Lauren Crazybull

Just transition means returning Indigenous land –  but that might look different than you think

Every time there is a new direct action against a pipeline, social media posts pop up on my timeline, talking about how the only way to save the planet is to return the land to Indigenous peoples.

But, I wonder, do we owe non-Indigenous people saving?

As nêhiyaw legal scholar Sylvia McAdam writes in her book Nationhood Interrupted: Revitalizing nêhiyaw Legal Systems, when nêhiyawak write or speak about the return of our territories, “‘Give it back’ means to restore the livelihood, demonstrate respect for what is shared – the land – by making things right through compensation, restoration of freedom, dignity, and livelihood.”

As someone who grew up in Alberta, surrounded by the effects, benefits, and culture of oil extraction, it is difficult for me to think about Alberta ever transitioning to a carbon neutral economy. Life in Alberta – even Indigenous life – is so saturated with the effects of the oil industry that I have attended round dances sponsored by oil companies. How distressing to think about renewing our obligations and relationships to each other and the land with a meal sponsored by a corporation that is quickly making that land uninhabitable. I look at a map of my territory with the pipelines superimposed, the lines criss-crossing our hunting grounds, lands from which ingredients of that feast meal were sourced.

Far away from a round dance midnight lunch of bologna, in an organic grocery store in Edmonton, I pick up a package of organic bison that will be bought by some white family whose dad works in Fort McMurray. Our relation wrapped in plastic, labelled an incorrect name. I often think about how those who can afford to buy organic groceries in Alberta probably have their salaries paid by an oil company, or directly benefit from the wealth derived from our territories. The extraction of this wealth threatens our ability to sustain ourselves from our land – despite the promises made to Indigenous people in treaties that we would continue to be able to hunt and fish. After treaty, my ancestors were forced to transition from an economy that centred the buffalo hunt to farming. Now we, their descendants, are facing another kind of world-threatening catastrophe. As we hurtle toward a climate apocalypse, we are all collectively practising a massive compartmentalization exercise in order to go on with our everyday lives.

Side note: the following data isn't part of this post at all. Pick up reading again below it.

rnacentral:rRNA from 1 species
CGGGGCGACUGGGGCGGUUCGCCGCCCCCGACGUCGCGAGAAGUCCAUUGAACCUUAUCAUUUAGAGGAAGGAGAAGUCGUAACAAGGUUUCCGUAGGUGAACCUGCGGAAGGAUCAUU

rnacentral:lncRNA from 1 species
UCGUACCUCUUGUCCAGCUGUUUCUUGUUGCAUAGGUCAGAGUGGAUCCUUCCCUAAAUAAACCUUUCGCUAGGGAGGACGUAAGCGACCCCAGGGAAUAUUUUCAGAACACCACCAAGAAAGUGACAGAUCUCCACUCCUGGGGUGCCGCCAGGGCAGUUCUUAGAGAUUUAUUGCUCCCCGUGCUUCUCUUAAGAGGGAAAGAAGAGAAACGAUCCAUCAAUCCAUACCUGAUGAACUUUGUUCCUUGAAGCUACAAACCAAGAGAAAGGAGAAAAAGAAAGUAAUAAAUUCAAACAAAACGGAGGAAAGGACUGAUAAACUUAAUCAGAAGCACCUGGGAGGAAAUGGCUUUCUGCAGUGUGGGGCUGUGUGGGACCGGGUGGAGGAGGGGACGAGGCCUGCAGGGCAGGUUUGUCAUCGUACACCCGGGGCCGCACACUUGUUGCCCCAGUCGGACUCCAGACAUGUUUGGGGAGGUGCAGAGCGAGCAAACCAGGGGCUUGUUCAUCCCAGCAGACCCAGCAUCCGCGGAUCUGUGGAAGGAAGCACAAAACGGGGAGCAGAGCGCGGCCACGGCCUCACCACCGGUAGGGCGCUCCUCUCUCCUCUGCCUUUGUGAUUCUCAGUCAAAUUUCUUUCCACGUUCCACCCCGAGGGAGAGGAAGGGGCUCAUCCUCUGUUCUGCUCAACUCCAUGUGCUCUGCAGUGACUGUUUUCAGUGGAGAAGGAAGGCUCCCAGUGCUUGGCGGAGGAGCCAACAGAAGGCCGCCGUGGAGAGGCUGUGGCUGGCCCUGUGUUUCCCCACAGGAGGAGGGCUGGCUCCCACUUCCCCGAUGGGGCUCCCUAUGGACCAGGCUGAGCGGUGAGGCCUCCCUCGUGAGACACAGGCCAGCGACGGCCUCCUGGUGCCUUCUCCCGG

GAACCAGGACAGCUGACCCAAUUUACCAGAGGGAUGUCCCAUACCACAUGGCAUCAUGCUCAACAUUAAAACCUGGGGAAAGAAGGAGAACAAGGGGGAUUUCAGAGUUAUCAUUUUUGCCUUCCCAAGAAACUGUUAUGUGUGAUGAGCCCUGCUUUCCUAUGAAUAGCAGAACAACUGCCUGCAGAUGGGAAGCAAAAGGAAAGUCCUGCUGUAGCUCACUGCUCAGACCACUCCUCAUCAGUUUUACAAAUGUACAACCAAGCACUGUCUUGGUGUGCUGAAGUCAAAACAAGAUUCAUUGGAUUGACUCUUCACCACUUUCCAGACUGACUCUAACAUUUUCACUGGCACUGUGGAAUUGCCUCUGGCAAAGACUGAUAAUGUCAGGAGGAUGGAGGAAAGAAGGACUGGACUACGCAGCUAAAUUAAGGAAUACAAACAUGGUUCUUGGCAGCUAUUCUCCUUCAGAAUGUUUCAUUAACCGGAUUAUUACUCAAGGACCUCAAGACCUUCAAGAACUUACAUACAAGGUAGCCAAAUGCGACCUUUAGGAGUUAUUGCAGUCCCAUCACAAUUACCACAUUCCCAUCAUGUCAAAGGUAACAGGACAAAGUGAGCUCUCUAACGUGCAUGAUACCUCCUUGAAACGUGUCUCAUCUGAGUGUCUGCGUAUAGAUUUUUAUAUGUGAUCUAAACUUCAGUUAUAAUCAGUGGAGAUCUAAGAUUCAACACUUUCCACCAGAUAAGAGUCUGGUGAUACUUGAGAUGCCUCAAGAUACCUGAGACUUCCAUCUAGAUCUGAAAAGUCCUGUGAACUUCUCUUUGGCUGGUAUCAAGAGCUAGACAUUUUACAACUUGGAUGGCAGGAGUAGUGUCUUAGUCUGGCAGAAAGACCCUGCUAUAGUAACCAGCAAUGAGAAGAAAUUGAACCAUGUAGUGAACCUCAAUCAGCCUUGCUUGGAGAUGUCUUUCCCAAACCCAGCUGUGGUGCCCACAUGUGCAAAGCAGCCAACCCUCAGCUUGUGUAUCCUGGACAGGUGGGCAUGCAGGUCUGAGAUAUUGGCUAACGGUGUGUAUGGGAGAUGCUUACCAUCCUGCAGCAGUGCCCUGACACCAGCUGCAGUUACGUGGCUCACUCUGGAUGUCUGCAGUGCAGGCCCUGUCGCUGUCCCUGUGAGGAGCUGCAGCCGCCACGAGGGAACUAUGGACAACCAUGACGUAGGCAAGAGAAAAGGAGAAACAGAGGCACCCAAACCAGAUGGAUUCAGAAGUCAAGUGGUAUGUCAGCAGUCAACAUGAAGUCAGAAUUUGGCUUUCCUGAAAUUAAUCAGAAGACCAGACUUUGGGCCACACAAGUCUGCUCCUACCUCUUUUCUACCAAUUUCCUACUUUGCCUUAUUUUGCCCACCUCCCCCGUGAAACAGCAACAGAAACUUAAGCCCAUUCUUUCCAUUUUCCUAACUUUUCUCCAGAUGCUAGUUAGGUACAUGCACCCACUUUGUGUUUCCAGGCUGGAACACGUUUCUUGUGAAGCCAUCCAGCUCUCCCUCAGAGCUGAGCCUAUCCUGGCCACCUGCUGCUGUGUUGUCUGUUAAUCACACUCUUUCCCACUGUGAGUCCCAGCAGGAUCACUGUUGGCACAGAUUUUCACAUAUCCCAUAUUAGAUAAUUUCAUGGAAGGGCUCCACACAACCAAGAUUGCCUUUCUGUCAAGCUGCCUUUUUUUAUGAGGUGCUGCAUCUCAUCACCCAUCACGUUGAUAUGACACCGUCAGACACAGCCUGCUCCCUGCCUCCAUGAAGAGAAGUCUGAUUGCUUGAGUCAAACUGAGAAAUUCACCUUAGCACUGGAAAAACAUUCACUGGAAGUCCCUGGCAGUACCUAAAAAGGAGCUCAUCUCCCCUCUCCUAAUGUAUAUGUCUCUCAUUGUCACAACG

I remember that we are blessed enough to be left with directions in the treaties – ones that, if heeded, would be able to combat environmental destruction in our homelands.

I am emphatically against building new pipelines. But when I see white environmental activists calling for pipelines to be shut down in my homelands, I wonder who from our communities, who from that land gave them the direction to do so. White environmentalists so often use our title to further their projects, abandoning Indigenous communities and bodies once they have achieved their goals. Like white environmentalists, oil companies seek ‘consent’ from patriarchal, heterosexist Indian Act leadership. Few oil companies or white environmentalists are seeking permission from those whose intelligence and care will provide us with more just ways of living with the land and each other – Indigenous women, trans, queer, two-spirit, and non-binary people from our nations.

Back in that organic grocery store with my Saran-Wrapped relative, in moments like these when the weight of our entire imbalance crashes down on me, I return to treaty.

It is in returning to our conceptions of treaty that I remember our ancestors planned for us to remain in our homeland through another apocalypse. I remember that queer people were at the negotiation of those treaties. I remember that we are blessed enough to be left with directions in the treaties – ones that, if heeded, would be able to combat environmental destruction in our homelands. This means settlers returning our territories, but also Indigenous people renewing our own commitments to governance systems that honour women and gender diverse people. Any attempts to block pipelines or destroy capitalism without this work will continue to replicate contorted versions of our current reality.

And if we renewed these treaty commitments and “demonstrate[d] respect for what is shared,” as McAdams writes, perhaps I would see more buffalo out on the land and not wrapped in plastic at the grocery store.

Emily Riddle is nehiyaw and a member of the Alexander First Nation in Treaty 6. She once again lives on her own territories in amiskwaciwâskahikan. She is a researcher, writer, and library worker, who sits on the board of advisers for the Yellowhead Institute, a First Nations-led think tank based out of Ryerson University.

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